+
  +As you can see since C<$should_skip> had a true value, the first two
  +sub-tests were explicitly skipped (using C<$should_skip> as a reason),
  +so the second argument to skip didn't matter. In the last two
  +sub-tests C<$should_skip> had a false value therefore the second
  +argument was passed to the ok() function. Basically the following
  +code:
  +
  +  $should_skip = '';
  +  skip $should_skip, $ok;
  +  skip $should_skip, $not_ok;
  +
  +is equivalent to:
  +
  +  ok $ok;
  +  ok $not_ok;
   
   C<Apache::Test> also allows to write tests in such a way that only
   selected sub-tests will be run.  The test simply needs to switch from
  @@ -1080,7 +1143,7 @@
   ok(), the rest will be skipped.  If no sub-tests are specified, sok()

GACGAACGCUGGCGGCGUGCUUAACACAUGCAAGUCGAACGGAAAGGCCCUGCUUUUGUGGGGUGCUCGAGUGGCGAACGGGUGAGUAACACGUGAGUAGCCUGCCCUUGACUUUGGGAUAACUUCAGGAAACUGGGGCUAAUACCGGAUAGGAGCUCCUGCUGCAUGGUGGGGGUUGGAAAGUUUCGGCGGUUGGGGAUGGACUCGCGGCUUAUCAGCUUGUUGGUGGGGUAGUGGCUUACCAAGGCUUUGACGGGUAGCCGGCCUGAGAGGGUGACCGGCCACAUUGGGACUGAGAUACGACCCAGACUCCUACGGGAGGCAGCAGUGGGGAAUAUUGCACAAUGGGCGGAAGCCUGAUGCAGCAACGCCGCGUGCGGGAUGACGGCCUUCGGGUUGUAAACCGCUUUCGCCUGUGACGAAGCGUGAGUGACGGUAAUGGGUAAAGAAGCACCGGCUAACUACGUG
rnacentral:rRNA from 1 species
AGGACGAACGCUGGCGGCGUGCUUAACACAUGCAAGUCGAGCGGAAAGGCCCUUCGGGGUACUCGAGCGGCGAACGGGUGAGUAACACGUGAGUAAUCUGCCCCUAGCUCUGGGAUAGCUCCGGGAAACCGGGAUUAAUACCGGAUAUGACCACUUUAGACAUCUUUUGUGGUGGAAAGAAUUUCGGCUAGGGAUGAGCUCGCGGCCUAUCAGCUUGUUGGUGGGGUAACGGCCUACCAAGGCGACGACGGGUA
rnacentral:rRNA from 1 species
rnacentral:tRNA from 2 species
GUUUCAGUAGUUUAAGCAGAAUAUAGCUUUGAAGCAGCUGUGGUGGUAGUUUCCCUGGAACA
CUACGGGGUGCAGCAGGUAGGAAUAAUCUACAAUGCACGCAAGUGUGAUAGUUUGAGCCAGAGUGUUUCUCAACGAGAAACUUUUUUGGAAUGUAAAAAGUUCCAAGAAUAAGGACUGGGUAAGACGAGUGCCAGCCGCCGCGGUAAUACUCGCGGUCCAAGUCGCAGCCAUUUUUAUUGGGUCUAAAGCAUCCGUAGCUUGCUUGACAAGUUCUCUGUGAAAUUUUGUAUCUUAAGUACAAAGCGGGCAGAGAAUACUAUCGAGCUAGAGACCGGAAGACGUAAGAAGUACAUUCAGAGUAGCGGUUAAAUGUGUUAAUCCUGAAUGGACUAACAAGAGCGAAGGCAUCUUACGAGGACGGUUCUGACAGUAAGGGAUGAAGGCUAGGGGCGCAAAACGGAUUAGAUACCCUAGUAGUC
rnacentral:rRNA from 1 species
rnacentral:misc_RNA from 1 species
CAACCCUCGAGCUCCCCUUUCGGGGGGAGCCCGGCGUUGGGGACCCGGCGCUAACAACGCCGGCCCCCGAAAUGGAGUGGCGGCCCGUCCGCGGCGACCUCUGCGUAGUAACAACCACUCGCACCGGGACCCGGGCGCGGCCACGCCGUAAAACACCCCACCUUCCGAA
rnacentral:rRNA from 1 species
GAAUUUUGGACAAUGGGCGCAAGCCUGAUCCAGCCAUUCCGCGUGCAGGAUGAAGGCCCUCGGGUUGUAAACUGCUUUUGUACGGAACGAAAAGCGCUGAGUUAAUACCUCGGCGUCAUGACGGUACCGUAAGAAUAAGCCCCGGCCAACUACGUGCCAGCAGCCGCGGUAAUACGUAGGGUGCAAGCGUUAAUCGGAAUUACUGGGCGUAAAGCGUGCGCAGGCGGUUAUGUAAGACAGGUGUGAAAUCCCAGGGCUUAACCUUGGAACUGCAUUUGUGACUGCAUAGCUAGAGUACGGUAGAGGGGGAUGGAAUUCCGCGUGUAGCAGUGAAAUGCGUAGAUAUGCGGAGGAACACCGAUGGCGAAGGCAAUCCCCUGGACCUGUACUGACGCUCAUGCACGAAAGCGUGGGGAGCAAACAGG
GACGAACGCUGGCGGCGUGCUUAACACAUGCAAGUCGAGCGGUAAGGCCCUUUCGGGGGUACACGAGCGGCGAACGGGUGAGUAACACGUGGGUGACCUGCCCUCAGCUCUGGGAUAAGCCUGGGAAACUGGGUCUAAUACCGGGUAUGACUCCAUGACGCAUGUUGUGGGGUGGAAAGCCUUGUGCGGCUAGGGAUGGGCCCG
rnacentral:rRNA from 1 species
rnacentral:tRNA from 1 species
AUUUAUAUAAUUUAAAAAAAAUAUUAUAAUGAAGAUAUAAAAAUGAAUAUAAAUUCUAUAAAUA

works just like ok().  For example, you can write this test:
   
  -  skip_subtest.t
  +  skip_subtest_2.t
     --------------
     use Apache::Test;
     plan tests => 4;
  @@ -1091,14 +1154,31 @@
   
   and then ask to run only sub-tests 1 and 3 and to skip the rest.
   
  -  % ./t/TEST -v skip_subtest 1 3
  -  skip_subtest....1..4
  +  % ./t/TEST -v skip_subtest_2 1 3
  +  skip_subtest_2....1..4
     ok 1
     ok 2 # skip skipping this subtest
     ok 3
     ok 4 # skip skipping this subtest
     ok, 2/4 skipped:  skipping this subtest
     All tests successful, 2 subtests skipped.
  +
  +Only the sub-tests 1 and 3 get executed.
  +
  +A range of sub-tests to run can be given using the Perl's range
  +operand:
  +
  +  % ./t/TEST -v skip_subtest_2 2..4
  +  skip_subtest_2....1..4
  +  ok 1 # skip askipping this subtest
  +  not ok 2
  +  # Failed test 2
  +  ok 3
  +  not ok 4
  +  # Failed test 4
  +  Failed 1/1 test scripts, 0.00% okay. 2/4 subtests failed, 50.00% okay.
  +
  +In this run, only the first sub-test gets executed.
   
   =head2 Todo Sub-tests